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Break the Chains of Resentment

--Adam Maisen, LPC-S/TA

· Encouragement,Forgiveness

Disclaimer: I want to give full gravity to how difficult, maybe impossible, the thought of forgiveness may feel. When deep-seated hurt is present, forgiving those who hurt you may be the last thing that you want to do. This article will address some strong realities about the dangers of living with unforgiveness as well as healing that can be found through forgiveness.

3 Myths about forgiveness:

Forgive and forget: For years, I have heard these words. I understand the sentiment, but this is not always easy. I agree that forgiveness can lead to healing and restoration. However, for many people, this concept feels very invalidating. Forgiveness does not negate what happened, and forgetting things that caused emotional pain is not realistic.

Forgiveness erases pain: Forgiveness is not always a once and done thing. It is a conscious choice that we make to stop allowing anger and bitterness to reign in our lives. It requires us to decide to stop feeding off of the hurt. Forgiveness does not heal the pain, especially the deep wounds.

Resentment has no purpose: Resentment is not healthy and can destroy relationships, but it does serve a purpose. It can give us a sense of control when we feel an extreme loss of control. Just to be clear, I am not recommending living with resentment, but I do understand if this is how you feel.

So, what is forgiveness?

I define forgiveness as a choice to let go of hatred, anger, and resentment. When we tell someone that we forgive them, we are saying “I am tired of carrying this burden and I no longer want to hold my pain against you.” We are not saying that things are all better or that we can just pick up where we left off. You may say, “I am willing to start the restoration process with you.” Sometimes a restoration of relationship would be unwise, especially when abuse-related trauma is involved. In any case, breaking the chains of resentment and bitterness can lead to personal healing and restoration.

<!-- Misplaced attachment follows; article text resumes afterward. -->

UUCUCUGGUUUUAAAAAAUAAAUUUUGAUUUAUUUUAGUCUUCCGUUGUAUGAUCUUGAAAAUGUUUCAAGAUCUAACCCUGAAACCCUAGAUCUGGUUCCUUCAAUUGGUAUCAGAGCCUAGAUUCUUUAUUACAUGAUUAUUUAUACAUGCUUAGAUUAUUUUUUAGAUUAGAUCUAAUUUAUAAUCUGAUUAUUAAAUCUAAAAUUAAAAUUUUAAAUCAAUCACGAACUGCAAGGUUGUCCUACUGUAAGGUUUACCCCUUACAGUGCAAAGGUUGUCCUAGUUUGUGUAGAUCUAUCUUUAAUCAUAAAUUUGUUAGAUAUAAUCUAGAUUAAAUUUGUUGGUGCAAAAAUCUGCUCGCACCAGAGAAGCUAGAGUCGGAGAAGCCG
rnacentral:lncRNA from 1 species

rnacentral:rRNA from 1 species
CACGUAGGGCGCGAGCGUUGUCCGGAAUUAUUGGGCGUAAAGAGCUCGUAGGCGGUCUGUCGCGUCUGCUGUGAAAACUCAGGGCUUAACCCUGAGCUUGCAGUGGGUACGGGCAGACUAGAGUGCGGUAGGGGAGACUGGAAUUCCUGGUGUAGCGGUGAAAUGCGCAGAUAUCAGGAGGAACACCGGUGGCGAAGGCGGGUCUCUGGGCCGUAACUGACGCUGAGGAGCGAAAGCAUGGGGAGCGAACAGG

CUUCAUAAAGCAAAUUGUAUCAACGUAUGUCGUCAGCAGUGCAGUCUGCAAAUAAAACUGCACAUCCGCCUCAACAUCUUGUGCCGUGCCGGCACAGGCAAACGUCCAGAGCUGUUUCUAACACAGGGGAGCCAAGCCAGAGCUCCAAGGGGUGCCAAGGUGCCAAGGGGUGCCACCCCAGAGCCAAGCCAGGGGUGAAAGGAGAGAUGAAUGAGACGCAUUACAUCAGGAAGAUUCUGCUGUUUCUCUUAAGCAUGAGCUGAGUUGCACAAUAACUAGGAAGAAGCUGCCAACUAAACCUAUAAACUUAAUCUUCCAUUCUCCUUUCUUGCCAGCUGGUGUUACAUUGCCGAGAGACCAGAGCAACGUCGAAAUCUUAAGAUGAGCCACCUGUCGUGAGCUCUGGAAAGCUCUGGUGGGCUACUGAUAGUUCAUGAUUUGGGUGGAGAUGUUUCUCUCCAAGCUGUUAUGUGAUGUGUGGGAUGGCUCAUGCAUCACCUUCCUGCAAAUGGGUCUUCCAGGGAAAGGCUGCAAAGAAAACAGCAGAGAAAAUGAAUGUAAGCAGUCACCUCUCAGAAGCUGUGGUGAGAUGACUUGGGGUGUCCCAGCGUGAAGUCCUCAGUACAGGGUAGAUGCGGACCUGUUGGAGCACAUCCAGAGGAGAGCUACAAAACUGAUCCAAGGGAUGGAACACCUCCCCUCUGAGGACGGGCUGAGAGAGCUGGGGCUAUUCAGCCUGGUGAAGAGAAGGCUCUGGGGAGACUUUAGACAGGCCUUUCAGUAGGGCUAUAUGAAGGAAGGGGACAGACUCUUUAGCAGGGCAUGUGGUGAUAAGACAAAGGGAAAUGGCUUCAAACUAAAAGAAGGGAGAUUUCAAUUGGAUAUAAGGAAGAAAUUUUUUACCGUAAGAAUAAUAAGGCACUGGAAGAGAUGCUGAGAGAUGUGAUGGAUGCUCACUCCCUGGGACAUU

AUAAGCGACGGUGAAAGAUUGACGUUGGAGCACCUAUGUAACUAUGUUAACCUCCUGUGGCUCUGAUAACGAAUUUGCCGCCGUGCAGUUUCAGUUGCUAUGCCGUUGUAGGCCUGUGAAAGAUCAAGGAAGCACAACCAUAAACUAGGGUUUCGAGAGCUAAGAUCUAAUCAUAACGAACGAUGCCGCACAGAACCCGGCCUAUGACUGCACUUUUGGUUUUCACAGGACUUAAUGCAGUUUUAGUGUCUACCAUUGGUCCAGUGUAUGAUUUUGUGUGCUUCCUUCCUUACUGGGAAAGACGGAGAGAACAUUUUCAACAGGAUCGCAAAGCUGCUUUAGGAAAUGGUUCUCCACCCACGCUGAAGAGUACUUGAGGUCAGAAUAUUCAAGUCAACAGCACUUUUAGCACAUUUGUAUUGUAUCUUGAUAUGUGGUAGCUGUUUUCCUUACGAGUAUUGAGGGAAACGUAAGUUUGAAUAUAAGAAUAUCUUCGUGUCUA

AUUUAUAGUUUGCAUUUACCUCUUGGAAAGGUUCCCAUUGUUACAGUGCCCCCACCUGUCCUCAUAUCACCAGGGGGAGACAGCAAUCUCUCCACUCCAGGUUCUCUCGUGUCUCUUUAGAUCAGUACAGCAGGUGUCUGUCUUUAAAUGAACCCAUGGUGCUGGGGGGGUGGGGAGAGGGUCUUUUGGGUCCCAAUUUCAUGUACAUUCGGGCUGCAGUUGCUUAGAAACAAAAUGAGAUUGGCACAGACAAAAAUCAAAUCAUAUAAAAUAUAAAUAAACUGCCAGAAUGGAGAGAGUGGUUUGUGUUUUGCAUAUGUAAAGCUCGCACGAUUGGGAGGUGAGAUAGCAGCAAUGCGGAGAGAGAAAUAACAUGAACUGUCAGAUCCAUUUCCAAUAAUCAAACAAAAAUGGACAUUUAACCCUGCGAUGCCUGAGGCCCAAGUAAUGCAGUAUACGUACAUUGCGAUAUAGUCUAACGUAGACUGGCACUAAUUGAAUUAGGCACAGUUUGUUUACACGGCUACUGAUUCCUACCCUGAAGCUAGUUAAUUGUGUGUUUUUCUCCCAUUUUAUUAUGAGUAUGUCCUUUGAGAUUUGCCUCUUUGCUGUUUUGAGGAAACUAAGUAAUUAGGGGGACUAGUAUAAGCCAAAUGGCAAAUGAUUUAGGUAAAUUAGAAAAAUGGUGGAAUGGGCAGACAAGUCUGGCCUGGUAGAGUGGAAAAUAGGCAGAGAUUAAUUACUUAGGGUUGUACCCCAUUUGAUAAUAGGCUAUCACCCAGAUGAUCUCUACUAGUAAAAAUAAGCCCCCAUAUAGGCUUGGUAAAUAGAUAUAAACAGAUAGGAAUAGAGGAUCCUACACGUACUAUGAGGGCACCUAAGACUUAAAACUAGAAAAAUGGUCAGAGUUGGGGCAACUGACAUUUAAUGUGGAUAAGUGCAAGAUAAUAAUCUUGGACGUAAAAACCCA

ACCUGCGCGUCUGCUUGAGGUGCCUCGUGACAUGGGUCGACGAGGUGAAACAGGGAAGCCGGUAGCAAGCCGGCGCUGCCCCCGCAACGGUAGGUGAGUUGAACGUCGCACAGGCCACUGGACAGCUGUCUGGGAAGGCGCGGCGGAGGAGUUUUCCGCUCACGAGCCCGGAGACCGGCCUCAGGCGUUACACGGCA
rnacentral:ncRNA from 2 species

What if I am not ready to forgive?

It is okay if you are not ready yet. Forgiveness is a very personal process and there is nothing easy about it. When people do hurtful things, we feel the pain. You may find yourself feeling cynical or jaded. You may find it hard to trust others. You allow yourself to become emotionally numb to avoid gut-wrenching agony. You put up walls and no longer allow people to really know you. Heck, you’re not even sure if you know you!

4 Steps to breaking the chains:

If you are ready to start the process of forgiveness, take heart! Nothing is easy about it, but emotional peace and personal restoration are attainable.

1. Recognize that you are in chains. If you don’t recognize that the resentment that you are experiencing is holding you back from the peace that could be yours, then this is the first step.

2. Address the pain. Past hurts may seem insurmountable, but the only way to slay the beast is to face it. If your beasts feel too big to face alone, I suggest that you seek out a local counselor in your area to join you in your battle.

3. Acknowledge that the past does not define your future. Forgiveness can be a daily decision. As you fully forgive, you will feel the weight on your shoulders begin easing. Keep going because you are running toward emotional restoration and freedom!

4. Give yourself a break. A little grace for self can go a long way. If you are not able to fully forgive right away, that is okay. It just means you are human. Take it one day at a time.

If you are struggling, you are not alone. I would be happy to visit with you by phone about options you have in breaking free from your chains. You can schedule a free confidential phone call through the contact me section of my website. You can also reach out to me via Facebook

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As always, I would love to hear your thoughts and comments below.

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